What Caused the 1980 Mount Saint Helens Eruption?

The catastrophic Mount Saint Helens volcanic eruption that took place on May 18, 1980 was the result of several factors that began with an accumulation of magma within the mountain’s edifice earlier that year. A resulting bulge on the mountain’s north flank was further weakened when an earthquake triggered a debris avalanche that relieved the pressure that had been acting as a counter-force to the magma buildup. Relieving the pressure resulted in the water that was contained within the system turning into steam, which then forced its way out explosively through a landslide scar.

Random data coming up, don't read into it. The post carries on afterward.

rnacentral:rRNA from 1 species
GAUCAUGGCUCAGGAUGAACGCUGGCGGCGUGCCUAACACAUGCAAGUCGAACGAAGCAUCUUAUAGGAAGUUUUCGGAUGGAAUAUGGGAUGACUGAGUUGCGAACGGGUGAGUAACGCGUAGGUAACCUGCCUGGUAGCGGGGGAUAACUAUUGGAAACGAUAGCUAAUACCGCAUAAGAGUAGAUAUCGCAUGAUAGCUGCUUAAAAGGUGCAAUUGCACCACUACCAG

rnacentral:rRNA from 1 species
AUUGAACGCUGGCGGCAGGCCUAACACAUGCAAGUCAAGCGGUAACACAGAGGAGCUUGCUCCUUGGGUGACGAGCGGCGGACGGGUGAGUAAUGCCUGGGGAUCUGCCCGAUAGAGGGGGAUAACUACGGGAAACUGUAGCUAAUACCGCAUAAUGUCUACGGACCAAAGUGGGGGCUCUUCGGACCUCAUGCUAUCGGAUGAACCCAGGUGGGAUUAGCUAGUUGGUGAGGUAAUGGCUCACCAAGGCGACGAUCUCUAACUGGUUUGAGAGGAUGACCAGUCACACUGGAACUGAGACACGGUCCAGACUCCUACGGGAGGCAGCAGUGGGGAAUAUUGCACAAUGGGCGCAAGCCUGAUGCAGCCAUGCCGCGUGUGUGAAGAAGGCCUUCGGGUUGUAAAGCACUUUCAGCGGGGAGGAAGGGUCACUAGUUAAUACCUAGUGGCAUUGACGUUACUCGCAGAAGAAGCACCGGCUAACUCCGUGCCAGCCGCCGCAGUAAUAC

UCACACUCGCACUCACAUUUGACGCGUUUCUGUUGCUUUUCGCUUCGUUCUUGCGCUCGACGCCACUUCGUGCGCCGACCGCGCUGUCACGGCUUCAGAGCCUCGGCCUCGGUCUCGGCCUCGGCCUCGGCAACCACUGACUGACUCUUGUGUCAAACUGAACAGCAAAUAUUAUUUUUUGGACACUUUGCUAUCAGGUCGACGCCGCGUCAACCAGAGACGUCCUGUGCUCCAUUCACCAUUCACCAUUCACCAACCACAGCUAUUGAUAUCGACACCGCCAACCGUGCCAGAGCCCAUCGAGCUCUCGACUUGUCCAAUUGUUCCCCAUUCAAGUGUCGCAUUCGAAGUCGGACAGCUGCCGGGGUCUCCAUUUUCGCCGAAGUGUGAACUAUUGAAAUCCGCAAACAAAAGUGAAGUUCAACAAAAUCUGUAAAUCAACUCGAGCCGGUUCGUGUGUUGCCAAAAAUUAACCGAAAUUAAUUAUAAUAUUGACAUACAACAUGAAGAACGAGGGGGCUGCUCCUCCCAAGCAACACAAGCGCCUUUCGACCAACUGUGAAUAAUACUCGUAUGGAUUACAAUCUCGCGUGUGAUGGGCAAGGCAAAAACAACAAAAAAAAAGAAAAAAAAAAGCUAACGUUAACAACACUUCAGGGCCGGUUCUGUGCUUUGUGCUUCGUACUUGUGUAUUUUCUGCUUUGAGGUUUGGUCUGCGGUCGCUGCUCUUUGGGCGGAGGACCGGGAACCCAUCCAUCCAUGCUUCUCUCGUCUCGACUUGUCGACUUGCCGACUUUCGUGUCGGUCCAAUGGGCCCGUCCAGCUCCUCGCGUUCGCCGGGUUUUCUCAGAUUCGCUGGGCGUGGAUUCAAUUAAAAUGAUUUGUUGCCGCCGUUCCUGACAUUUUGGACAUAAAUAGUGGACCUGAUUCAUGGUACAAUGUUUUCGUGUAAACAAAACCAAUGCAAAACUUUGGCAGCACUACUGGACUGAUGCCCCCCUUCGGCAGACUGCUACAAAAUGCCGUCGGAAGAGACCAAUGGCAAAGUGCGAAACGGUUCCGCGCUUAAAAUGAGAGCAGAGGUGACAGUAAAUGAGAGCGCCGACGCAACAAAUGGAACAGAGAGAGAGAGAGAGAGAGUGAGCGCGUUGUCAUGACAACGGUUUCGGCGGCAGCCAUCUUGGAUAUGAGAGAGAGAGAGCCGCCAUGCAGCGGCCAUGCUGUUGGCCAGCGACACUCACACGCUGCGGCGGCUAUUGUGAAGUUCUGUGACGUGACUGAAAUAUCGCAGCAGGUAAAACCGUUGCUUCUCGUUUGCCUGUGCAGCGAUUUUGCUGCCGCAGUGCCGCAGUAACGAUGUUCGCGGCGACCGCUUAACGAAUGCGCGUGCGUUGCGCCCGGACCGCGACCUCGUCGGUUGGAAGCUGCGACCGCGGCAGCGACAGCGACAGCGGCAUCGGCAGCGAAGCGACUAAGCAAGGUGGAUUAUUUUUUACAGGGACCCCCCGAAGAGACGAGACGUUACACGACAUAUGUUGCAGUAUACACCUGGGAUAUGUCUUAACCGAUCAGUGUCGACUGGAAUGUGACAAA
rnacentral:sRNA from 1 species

The steam and magma released by the explosive lateral blast reached speeds estimated to be as high as 300 mph. A 230 square-mile area was devastated as the fast-moving and incendiary-temperature debris covered it. Buildings and dense forest areas were flattened during the initial pyroclastic flow.

Within a few minutes of the lateral blast, an eruption plume burst through the summit crater that soon reached a height of about 15 miles. By the time the more extreme events brought on by the eruption subsided, 57 people were killed and more than 200 homes were destroyed or severely damaged.